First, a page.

I first read Daphne du Maurier’s masterpiece Rebecca in my mid-teens. Its opening paragraph mesmirised me – it was one of the most beautiful and haunting paragraphs I had ever read –

“Last night I dreamt I went to Manderley again. It seemed to me I stood by the iron gate leading to the drive, and for a while I could not enter, for the way was barred to me. There was a padlock and a chain upon the gate. I called in my dream to the lodge-keeper, and had no answer, and peering closer through the rusted spokes of the gate I saw that the lodge was uninhabited”

Unpacking this paragraph now, I find that it connotes meanings of imprisonment and enslavement, darkness and despair. And strangely, it is these connotations that make me wonder if Rebecca can be read through a feminist lens, and within the context of various women’s rights campaigns that one engages with today. This passage resonates a timely complexity: do women still encounter a barred path?

 

Rebecca is not often considered as a feminist novel, and rightly so. Yet, I am drawn to its portrayal of three vivid characters: the nameless narrator – often known only as ‘Mrs. De Winter’; then Rebecca herself; and the housekeeper, Mrs. Danvers.

 

Rebecca starts off very much as a Cinderella story, where the a wealthy Englishman, Maxim De Winter, whose first wife, Rebecca, has died of mysterious conditions, falls in love with the narrator – a young, orphan. After marrying him, the young narrator becomes the mistress of the house. Yet, Rebecca’s spirit is instantly and acutely felt, and this is kept alive by Mrs. Danvers, the housekeeper, whose domineering nature and frightful obsession with Rebecca allows for clever twists.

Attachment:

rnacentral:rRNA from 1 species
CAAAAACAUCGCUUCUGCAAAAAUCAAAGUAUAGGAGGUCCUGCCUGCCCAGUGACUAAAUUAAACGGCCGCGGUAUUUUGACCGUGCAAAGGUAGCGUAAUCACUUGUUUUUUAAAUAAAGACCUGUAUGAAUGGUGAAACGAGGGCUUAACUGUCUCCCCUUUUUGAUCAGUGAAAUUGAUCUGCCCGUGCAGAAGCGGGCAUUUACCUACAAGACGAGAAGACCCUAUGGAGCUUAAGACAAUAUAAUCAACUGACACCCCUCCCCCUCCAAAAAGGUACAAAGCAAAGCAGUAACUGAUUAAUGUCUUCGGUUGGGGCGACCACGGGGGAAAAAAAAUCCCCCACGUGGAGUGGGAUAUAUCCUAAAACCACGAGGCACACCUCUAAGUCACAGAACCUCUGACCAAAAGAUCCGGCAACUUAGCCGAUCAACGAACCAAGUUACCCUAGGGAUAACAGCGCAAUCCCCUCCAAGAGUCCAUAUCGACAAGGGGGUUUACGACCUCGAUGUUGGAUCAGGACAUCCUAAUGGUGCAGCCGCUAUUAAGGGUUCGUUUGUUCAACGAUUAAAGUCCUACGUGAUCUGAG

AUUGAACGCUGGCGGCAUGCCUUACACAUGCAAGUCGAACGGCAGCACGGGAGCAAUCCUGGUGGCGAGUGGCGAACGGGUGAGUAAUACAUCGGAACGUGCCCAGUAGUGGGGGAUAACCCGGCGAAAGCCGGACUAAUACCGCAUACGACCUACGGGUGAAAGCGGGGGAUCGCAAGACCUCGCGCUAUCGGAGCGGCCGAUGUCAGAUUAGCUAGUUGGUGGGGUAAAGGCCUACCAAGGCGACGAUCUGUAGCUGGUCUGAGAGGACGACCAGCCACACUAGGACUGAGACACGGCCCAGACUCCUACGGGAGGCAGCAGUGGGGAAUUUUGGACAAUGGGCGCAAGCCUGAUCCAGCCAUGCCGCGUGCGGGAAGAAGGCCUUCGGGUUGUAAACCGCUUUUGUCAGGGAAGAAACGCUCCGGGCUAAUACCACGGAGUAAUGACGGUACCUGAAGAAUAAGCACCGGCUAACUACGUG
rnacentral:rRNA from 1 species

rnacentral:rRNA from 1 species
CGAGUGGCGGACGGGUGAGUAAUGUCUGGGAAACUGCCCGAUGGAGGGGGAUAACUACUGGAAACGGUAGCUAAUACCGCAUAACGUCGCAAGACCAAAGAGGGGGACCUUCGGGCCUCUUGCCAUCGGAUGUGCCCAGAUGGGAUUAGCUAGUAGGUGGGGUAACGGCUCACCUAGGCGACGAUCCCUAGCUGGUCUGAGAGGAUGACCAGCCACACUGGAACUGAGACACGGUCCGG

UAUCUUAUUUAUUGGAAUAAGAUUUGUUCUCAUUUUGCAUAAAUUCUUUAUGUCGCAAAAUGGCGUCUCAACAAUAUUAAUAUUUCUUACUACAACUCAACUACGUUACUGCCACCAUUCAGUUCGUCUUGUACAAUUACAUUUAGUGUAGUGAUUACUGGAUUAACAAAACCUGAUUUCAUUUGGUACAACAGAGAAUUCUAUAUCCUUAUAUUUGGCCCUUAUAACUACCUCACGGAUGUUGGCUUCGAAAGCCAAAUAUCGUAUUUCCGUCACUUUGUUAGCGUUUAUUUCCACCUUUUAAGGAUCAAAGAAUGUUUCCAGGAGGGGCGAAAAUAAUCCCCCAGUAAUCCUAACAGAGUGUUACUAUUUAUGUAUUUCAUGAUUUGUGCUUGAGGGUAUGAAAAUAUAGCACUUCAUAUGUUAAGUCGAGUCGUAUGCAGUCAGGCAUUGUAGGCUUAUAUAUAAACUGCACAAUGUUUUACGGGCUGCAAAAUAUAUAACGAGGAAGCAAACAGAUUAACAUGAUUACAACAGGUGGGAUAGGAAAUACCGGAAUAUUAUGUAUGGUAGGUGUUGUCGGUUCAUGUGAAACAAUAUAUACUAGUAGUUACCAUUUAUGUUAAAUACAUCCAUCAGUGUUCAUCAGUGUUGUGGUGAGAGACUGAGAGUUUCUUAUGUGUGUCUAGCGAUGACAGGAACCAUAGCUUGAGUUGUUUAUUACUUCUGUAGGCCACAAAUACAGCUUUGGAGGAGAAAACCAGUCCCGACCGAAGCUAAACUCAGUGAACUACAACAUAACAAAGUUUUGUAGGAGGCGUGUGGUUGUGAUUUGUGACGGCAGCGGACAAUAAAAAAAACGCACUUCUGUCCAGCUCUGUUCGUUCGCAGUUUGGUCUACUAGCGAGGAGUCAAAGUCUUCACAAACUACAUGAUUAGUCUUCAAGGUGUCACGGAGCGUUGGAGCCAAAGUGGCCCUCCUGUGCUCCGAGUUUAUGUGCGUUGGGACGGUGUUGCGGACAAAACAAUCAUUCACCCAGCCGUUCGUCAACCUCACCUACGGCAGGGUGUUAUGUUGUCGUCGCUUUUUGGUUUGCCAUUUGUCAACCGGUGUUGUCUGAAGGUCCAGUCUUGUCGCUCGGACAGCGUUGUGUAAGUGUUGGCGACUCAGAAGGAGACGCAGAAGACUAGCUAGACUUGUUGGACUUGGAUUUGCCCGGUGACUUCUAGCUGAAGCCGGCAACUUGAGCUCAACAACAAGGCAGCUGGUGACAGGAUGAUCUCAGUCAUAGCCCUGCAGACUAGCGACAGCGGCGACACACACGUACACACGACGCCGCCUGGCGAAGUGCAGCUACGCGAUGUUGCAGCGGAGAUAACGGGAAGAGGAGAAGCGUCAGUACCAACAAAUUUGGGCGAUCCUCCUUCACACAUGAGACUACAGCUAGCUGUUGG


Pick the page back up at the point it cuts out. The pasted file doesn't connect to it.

What appeals to me is the portrayal of the two wives of Maxim De Winter. Rebecca, the deceased wife, appears the perfect wife. Yet, she is the promiscuous woman, mocking her husband with tales of her many affairs, and manipulating him with news of a pregnancy. Maxim later tells how their marriage was very much a sham. An interpretation accorded by feminists here, however, is the powerful and fearless nature of this woman, who defies the patriarchal order. At the same time, there is a question, was Rebecca being fearless or cruel? In contrast, in the nameless narrator – often referred to as the ‘second Mrs. De Winter’ – we see a timid woman, constantly comparing herself to the more formidable Rebecca, doubting her outsider status, and overcome by a sense of non-belonging, that is further reinforced by Mrs. Denvers. While the narrator does grow through the novel, it is significant that she remains nameless. It demonstrates a sense of lack of freedom, identity, and recognition; as if she is, in some senses, almost alien, and not belonging. In looking at Rebecca through a feminist lens, I am draw more, then, to the idea that what is more appealing is how the affection of a good woman can transform a man.

 

 

 

 

 

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